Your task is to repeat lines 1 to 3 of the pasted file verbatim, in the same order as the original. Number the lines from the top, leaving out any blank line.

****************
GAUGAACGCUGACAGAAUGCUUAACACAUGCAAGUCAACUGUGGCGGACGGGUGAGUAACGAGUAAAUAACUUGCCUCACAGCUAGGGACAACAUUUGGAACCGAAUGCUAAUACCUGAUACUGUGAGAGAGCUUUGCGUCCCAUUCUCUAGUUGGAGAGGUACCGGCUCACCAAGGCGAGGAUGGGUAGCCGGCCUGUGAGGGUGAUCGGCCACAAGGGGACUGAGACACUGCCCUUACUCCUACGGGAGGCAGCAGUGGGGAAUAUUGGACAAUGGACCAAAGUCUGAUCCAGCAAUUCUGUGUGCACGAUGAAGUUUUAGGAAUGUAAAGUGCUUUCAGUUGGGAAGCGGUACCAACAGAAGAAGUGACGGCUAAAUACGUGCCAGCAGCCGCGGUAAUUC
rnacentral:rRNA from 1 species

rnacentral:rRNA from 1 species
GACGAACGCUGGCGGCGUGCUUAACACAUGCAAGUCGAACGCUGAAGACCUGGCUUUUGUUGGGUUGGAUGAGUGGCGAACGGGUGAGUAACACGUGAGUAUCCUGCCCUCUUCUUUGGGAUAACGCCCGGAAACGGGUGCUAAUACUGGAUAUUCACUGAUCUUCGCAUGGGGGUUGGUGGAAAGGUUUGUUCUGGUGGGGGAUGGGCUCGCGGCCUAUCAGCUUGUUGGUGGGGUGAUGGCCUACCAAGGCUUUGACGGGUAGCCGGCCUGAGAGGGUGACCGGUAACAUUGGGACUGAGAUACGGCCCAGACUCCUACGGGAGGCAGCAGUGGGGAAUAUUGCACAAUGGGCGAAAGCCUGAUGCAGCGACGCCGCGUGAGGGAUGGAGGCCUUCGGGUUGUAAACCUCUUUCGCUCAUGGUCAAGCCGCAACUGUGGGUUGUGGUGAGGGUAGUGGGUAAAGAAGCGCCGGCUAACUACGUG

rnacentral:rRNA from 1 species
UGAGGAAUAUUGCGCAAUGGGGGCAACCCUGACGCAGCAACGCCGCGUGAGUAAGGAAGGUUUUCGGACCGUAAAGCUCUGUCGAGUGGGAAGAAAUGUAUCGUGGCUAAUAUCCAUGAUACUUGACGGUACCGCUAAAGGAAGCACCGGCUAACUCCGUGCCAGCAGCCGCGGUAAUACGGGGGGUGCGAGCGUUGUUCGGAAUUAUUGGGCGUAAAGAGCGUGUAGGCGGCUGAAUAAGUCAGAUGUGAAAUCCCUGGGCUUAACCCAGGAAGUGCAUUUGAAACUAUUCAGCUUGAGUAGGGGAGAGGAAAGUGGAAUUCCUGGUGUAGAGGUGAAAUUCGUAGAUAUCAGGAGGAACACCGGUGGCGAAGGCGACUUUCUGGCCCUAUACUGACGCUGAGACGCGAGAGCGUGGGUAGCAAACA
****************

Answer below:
GAUGAACGCUGACAGAAUGCUUAACACAUGCAAGUCAACUGUGGCGGACGGGUGAGUAACGAGUAAAUAACUUGCCUCACAGCUAGGGACAACAUUUGGAACCGAAUGCUAAUACCUGAUACUGUGAGAGAGCUUUGCGUCCCAUUCUCUAGUUGGAGAGGUACCGGCUCACCAAGGCGAGGAUGGGUAGCCGGCCUGUGAGGGUGAUCGGCCACAAGGGGACUGAGACACUGCCCUUACUCCUACGGGAGGCAGCAGUGGGGAAUAUUGGACAAUGGACCAAAGUCUGAUCCAGCAAUUCUGUGUGCACGAUGAAGUUUUAGGAAUGUAAAGUGCUUUCAGUUGGGAAGCGGUACCAACAGAAGAAGUGACGGCUAAAUACGUGCCAGCAGCCGCGGUAAUUC
rnacentral:rRNA from 1 species

rnacentral:rRNA from 1 species